News Feature | October 21, 2014

Alexion Files NDA In Japan For Asfotase Alfa For HPP

By Estel Grace Masangkay

Alexion Pharmaceuticals announced that it has filed the New Drug Application (NDA) with the Ministry of Health, Labor, and Welfare (MHLW) in Japan for its asfotase alfa as treatment for hypophosphatasia (HPP).

Asfotase alfa is an investigational first-in-class targeted enzyme replacement therapy designed to correct the genetically defective metabolic process in hypophosphatasia. Through its mechanism of action, asfotase alfa prevents or reverses the complications arising from a life-long dysregulated mineral metabolism that characterizes the disease. Alexion acquired asfotase alfa along with its developer Enobia Pharma in 2011. The company received Breakthrough Therapy status from the U.S. Food and Drug Administration (FDA) for asfotase alfa last year in May.

The submission to the MHLW is supported by positive data from three pivotal prospective studies involving 71 HPP patients, including Japanese individuals. Leonard Bell, Chairman and CEO of Alexion, said, “The NDA submission for asfotase alfa is a critical step toward bringing this highly innovative and much-needed potential treatment to patients in Japan suffering from HPP. If approved, asfotase alfa would be the first therapy for patients with this devastating and life-threatening disorder.”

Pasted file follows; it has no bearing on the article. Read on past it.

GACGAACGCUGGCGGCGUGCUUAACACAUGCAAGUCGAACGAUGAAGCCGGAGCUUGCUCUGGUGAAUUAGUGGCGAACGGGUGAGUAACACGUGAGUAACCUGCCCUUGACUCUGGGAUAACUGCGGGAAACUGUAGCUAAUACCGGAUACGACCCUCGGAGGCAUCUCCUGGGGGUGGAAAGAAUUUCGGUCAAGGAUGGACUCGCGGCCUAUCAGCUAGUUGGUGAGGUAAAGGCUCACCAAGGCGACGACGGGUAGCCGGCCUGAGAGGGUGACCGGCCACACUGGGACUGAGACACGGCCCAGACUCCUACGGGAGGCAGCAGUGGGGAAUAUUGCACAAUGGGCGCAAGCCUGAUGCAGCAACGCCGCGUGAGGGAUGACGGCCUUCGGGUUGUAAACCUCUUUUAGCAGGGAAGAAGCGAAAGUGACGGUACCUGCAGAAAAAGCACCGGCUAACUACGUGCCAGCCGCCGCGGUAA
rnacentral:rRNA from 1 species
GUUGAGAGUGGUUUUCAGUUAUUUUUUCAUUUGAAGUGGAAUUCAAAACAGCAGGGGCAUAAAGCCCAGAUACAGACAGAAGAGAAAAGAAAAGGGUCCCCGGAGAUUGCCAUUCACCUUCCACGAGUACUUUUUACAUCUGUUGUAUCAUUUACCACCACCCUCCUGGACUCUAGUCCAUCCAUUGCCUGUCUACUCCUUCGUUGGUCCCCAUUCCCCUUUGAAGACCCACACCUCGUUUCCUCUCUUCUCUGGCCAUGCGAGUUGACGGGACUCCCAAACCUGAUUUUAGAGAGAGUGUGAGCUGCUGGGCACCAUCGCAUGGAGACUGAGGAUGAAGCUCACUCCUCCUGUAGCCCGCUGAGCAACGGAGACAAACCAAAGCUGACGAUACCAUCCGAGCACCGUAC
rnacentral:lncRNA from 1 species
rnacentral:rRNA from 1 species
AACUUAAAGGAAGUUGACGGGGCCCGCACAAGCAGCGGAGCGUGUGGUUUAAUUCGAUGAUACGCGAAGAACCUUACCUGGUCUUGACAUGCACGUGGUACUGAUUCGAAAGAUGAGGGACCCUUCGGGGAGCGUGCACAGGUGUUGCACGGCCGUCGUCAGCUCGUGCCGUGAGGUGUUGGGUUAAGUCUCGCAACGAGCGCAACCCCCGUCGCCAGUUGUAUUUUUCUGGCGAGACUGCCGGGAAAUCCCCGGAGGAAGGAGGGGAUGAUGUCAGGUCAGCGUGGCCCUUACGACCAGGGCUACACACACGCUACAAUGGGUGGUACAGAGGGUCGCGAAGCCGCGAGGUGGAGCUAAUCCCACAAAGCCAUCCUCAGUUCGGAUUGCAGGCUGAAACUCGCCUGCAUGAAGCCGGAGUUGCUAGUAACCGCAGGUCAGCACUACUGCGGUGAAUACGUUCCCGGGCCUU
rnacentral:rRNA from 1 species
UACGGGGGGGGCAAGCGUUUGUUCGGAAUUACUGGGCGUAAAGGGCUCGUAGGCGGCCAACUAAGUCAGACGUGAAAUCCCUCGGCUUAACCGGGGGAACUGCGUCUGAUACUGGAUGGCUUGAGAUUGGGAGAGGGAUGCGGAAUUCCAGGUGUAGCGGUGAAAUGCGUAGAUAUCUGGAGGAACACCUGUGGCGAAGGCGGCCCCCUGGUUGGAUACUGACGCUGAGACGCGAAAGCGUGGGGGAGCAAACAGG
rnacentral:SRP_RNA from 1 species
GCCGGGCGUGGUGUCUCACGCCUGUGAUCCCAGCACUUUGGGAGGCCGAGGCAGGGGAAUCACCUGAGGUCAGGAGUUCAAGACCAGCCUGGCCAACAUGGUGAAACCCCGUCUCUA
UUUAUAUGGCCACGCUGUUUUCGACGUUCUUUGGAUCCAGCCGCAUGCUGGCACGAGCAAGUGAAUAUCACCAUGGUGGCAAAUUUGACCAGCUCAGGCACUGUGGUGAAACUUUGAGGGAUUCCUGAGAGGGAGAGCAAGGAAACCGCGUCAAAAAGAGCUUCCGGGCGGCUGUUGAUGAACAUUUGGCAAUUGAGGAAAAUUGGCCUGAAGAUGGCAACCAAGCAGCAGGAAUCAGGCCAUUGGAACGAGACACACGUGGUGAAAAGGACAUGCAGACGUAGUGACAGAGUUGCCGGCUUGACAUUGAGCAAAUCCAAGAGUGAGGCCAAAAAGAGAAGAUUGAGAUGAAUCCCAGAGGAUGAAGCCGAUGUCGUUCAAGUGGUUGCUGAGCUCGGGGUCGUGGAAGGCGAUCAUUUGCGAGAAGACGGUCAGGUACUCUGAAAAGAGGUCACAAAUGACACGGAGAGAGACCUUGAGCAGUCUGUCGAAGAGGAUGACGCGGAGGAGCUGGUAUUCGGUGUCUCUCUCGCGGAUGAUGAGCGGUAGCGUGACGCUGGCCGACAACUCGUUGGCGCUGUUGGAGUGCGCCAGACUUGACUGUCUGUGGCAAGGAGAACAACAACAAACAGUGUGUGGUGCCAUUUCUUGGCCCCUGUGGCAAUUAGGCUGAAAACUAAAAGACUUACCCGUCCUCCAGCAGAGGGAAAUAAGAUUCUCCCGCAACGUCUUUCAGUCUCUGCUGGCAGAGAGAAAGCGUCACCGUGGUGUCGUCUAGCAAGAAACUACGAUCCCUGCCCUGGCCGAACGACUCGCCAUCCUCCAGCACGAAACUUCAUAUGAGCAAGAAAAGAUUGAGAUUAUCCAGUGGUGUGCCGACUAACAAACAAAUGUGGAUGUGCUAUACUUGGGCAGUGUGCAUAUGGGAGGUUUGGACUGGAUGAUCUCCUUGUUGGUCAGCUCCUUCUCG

Hypophosphatasia is a genetic, chronic ultra-rare metabolic disease that results in the destruction and deformity of bones, extreme muscle weakness, respiratory failure, and death in patients of all ages. The disease is caused by mutations in the gene encoding an enzyme known as tissue non-specific alkaline phosphatase (TNSALP).

The MHLW granted Orphan Drug Designation to asfotase alfa last month, making it eligible for priority review, as well as 10 years of market exclusivity upon approval. The company has also filed a Biologics License Application (BLA) with the FDA for the same indication. Alexion reported in July that its Marketing Authorization Application (MAA) has been accepted by the European Medicines Agency (EMA).